DURHAM — Up to 1,000 people gathered Tuesday morning for the ribbon-cutting at the new $22 million Durham Community School on Hallowell Road.

As if on cue, the clouds parted early and visitors were greeted with sunny skies for the long-awaited event, getting their first look inside the state-of-the-art facility.

Ceremonies were opened by RSU 5 Superintendent Shannon Welsh, who greeted an enthusiastic crowd that ranged from babies to senior citizens.

Welsh said she has been involved with the Durham school for 11 years, first as superintendent and later as superintendent for RSU 5, which includes the towns of Durham, Pownal and Freeport.

“It’s been a good ride . . . a long time coming,” Welsh said, referring to the new school. She thanked the many groups, committees and individuals who helped make the project a reality. She noted Don and Eleanor Learnard, who, when they had to leave their home, offered to sell their abutting property to the school. Eleanor Learnard had always envisioned a new school being built on their property and being part of the campus.

The flag presentation was conducted by Boy Scout Troop 145, the Pledge of Allegiance was given by Girl Scout Cadette Troop 3548 and a rendition of the national anthem was sung by Mitchell C. Thomas.

That was followed by a musical selection, “Grasp the Dream,” by the Durham Community School Band.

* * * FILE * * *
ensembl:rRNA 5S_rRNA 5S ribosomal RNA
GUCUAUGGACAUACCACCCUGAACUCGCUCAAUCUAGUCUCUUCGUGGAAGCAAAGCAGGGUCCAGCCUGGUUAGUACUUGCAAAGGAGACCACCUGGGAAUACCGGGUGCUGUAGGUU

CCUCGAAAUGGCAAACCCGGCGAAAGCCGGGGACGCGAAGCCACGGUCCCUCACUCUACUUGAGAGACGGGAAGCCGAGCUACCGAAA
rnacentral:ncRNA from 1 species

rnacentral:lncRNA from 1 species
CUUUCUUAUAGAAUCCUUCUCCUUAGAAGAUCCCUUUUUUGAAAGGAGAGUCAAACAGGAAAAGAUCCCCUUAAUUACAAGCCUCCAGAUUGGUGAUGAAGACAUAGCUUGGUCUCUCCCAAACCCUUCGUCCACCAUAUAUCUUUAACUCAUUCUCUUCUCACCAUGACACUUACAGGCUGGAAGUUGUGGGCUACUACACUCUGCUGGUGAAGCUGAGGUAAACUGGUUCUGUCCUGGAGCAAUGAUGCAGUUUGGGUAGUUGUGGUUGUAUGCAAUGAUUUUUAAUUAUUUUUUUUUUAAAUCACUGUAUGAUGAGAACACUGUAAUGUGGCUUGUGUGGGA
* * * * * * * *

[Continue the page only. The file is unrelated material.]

Durham native Ernest Tibbets, who previously served on both the Durham School Committee and the town Budget Committee for many years, cut the red ribbon at the main entrance, after which the doors opened to the public for the first time.

Members of the seventh and eighth grades conducted tours of the interior, and refreshments were provided. By the end of the open house, an estimated 2,000 people had signed the guest books.

The two-story, 85,000-square-foot school is situated on 11 acres, has geothermal heating and cooling, 28 classrooms, large paved parking lots and ball fields.

The state is paying $20 million of the cost, while local voters opted to pay an additional $2 million for peaked roofs, a larger gymnasium and the geothermal system, which the state would not fund.

There will be an additional open house and tours from 9 to 11 a.m. Saturday, Sept. 18.


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